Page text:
Wednesday, July 24, 2024

Microsoft Launches Windows 8 Consumer Preview

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The Windows 8 Customer preview is currently available as a free download at

As expected, Microsoft today launched the Windows 8 Consumer Preview for x86 PCs during Mobile World Congress in Barcelona. And as with all moves to capture the tech industry’s attention, timing is everything.

Mobile World Congress is to smartphones what CES is to HDTVs. It’s an opportunity to for major handset makers — except for Apple — to unveil their latest wares in the hopes that their efforts in creating the fastest, slimmest and most feature-packed mobiles catch a carrier’s eye and resonate with consumers.

Lately, tablets have muscled into the scene. And Microsoft wants a piece of the action.

Windows for the Post PC Era

Apple’s market-leading iPad has primed the general public for computing experiences where mouse clicks increasingly give way to finger presses and swipes. In Windows 8, the most obvious concession to this trend is its Metro interface.

Distinguished by its colorful, self-updating tiles, the Metro aesthetic anchors the software giant’s other consumer electronics initiatives, Windows Phone 7 and the Xbox 360. Now, it’s doing the heavy lifting on both desktop and upcoming tablet versions of the OS.

Windows 8 Consumer Preview offers users a pre-release glimpse at how the company has been refining Metro. Among the most notable features are gesture-based controls and a lack of the iconic Start button. In its place is a region that triggers a menu of common functions when approached by a cursor or a finger.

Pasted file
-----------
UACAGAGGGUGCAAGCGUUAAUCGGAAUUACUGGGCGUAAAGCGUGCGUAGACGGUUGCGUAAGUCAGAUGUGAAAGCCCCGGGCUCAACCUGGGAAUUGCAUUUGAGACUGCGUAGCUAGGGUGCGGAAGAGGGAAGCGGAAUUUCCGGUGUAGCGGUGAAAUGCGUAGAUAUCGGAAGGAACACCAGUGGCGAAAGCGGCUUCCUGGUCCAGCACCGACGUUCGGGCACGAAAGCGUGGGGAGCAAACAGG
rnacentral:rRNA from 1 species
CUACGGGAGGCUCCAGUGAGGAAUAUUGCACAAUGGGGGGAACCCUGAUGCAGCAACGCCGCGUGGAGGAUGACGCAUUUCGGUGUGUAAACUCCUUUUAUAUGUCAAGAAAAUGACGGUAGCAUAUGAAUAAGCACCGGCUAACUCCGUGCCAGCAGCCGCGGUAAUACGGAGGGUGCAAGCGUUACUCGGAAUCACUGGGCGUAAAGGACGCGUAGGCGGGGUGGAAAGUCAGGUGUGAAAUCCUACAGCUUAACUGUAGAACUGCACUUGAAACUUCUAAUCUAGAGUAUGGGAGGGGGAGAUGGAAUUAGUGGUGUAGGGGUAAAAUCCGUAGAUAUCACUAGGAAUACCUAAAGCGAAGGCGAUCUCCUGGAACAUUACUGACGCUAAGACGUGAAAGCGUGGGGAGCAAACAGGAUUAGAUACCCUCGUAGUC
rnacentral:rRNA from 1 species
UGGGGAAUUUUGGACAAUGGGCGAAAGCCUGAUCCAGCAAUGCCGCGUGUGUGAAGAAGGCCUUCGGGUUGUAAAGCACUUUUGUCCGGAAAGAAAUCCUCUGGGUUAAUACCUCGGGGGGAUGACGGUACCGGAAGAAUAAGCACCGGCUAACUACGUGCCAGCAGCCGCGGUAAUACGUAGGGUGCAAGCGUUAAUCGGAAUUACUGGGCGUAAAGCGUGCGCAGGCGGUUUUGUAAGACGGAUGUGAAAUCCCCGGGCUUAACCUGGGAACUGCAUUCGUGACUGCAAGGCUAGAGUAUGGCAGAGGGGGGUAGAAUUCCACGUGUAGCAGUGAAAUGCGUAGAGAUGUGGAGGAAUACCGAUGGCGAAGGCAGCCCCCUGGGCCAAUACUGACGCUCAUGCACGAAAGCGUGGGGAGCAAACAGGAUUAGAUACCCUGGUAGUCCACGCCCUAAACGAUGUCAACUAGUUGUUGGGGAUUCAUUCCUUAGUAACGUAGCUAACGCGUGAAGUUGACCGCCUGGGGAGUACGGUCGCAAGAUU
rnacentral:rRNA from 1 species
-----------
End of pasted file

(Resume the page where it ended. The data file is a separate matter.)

Similarly, Charms are ribbons of glyphs that sprout up and offer access to common and app-specific tasks. Internet Explorer 10, which was developed to deliver full-screen Web interactivity, is a showcase for this new functionality.

Cloud integration also factors into the Windows 8 experience. A “Microsoft account” acts as the lynchpin for seamless syncing between devices and sharing content across social networks, according to Kent Walter of the Windows Experience Blog.

He writes, “When you sign in to a Windows 8 PC with your Microsoft account, you’re immediately connected to all of your people, files, and settings, including themes, language preferences, and browser favorites.”

As with any pre-release software, Microsoft cautions that users may encounter bugs and incompatibilities. Recommended specs, as provided by Steven Sinofsky, Microsoft’s President of Windows and Windows Live, are as follows:

  • 1 GHz or faster processor
  • 1 GB RAM (32-bit) or 2 GB RAM (64-bit)
  • 16 GB available hard disk space (32-bit) or 20 GB (64-bit)
  • DirectX 9 graphics device with WDDM 1.0 or higher driver

The Windows 8 Customer preview is currently available as a free download at

Pedro Hernandez is a contributor to the IT Business Edge Network, the network for technology professionals. Follow him on Twitter @ecoINSITE.

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